I know that everything Hashem does is good, but sometimes, it’s literally impossible to see it
I dream of ballet. There’s a stage, a beautiful empty stage, wooden floors just waiting for the swish swish of satin ballet slippers. I wait in the wings, slippers tightly laced, hair wound in a high bun, heart fluttering, and then it’s my cue. Music, glorious music, swells up, it fills the hall, the stage, the room. And I soar on it, I ride its waves as I leap and bound, spin and turn. I see my family, Atara, Shayna, as I race by, but I don’t stop, I won’t stop. Because how can I give up, even for a moment, my chance to fly?
I wake up with a wet pillow and the taste of blood in my mouth. I’d bitten the inside of my cheek, probably while I was landing my leap. I laugh dryly, the sound echoes around my room.
It had been eerily real.
And so was my pain.
I knew we would win the dance-off. I high-five a beaming Atara, and dry my hand quickly on my skirt, because hers is really sweaty. But hey, that’s what you get when you dance your heart out.
“Chametz, chametz, cookies and cream! We’re gonna cheer for the other team!” the girls are chanting; I smile and accept compliments on the amazing costumes. The girls look amazing and I find it hard to believe that I’m the one who outfitted them. Kay, me and the other sewing girls, but you know, mostly me.
It was fun to choreograph the dance, but there’s no way I can do it again. It’s too painful to watch the other girls dance out my vision, to watch them pirouette and jig, and know I can do it better.
“Pesach, Pesach, once a year! Come on, team, let’s give a cheer!”
Atara is surrounded by her fellow dancers, the teachers are laughing and clapping, Pori, dance head for Pesach, is red in the face but wearing a brave smile, and nobody is watching me. So I duck out the back door and head to the furthest corner of the school grounds.
Pesach, Pesach, once a year… it really is almost Pesach. I’m excited for the seder, for Goldie and Effie, for all seven of my annoying brothers to be present, to listen to them while away the hours speaking divrei Torah with Daddy and Zeidy, to go to parks and eat matzah and cream cheese until our fingers are black. And then, after that, our Girls Trip!
I pluck a blade of grass and twirl it through my fingers. The sun is finally shining but I am more than ready for some real vacation.
I feel tired, and old. Much older than 15. So much has happened, so many things have gone wrong.
I close my eyes and feel the sun baking my pale skin. I’ll be covered in freckles by the end of the day.
And so many things have gone right.
I know that. I know that everything Hashem does is good, but sometimes, it’s literally impossible to see it.
I think of my dream, of the weightless feeling of flying, and a lone tear rolls down my cheek. But being sad is getting super boring, so I stand up, brush the grass off my uniform skirt, and head back into good ol’ Bais Yaakov. Maybe I’ll catch the tail end of the choirs. Hopefully not.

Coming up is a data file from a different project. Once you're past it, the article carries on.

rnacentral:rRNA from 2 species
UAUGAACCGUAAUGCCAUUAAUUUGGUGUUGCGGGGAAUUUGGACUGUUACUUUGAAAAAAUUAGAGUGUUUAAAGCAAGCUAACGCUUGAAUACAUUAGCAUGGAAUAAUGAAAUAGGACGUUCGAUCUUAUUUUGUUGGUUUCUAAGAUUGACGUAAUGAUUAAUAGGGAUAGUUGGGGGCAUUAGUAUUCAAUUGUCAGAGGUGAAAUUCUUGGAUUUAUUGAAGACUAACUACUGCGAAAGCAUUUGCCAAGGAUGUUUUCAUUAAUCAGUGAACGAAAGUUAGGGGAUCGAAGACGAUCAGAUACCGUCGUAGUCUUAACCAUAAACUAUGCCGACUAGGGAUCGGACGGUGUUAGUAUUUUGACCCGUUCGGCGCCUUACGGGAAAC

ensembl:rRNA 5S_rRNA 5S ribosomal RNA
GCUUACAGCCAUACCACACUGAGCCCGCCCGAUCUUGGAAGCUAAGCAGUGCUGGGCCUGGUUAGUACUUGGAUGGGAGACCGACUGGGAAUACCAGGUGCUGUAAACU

“Somebody is suspiciously happy,” I say. I narrow my eyes at Naftoli. “Why, brother dear, are you whistling when you have just been tasked with cleaning out the front closet?”
Naftoli pulls his head out of a pile of rainboots and winks at me. Like legit, one eye open, then closed, really quickly. A wink!
I stare at him.
“I am happy, Bellka. Very, very happy.” He stands up and begins searching through coat pockets. “Baruch Hashem!” he adds quickly.
I lean on the stairs bannister and cross my arms. “Do spill.”
Naftoli looks down at a five-dollar bill he’d just pulled out of my adorable Tahari trench coat.
“Cuz Ma said I can keep any loose change I find.”
I grab the five away from him. “Haha, very funny. Tell me!”
He shrugs. “Cuz Darchei Aharon has agreed to let me start Elul zeman. More than agreed. They said, and I quote, ‘they’d be honored.’”
He says this all in a slightly mocking tone, but I can see from the way his ears have turned bright red that he really is excited.
And I’m so happy for him. His old yeshivah couldn’t see what a prize he is, well, good riddance to them.
I decide to share my thoughts from earlier today.
“You know,” I say quietly, totally mortified at where I’m going with this, “Sometimes things happen to us… and it’s totally hard to see why it’s good. And it, uh, looks really bad. And pointless. But, uh, Hashem has a plan, you know?”
I sound like I’m short a few screws, but Naftoli gets it.
He nods and strokes an umbrella contemplatively. “I do know, Bell. Thanks.” He kindly says nothing about how uncharacteristic my hashkafah shmooze is.
And then he winks again. Weirdo.
(Originally featured in Teen Pages, Issue 816)
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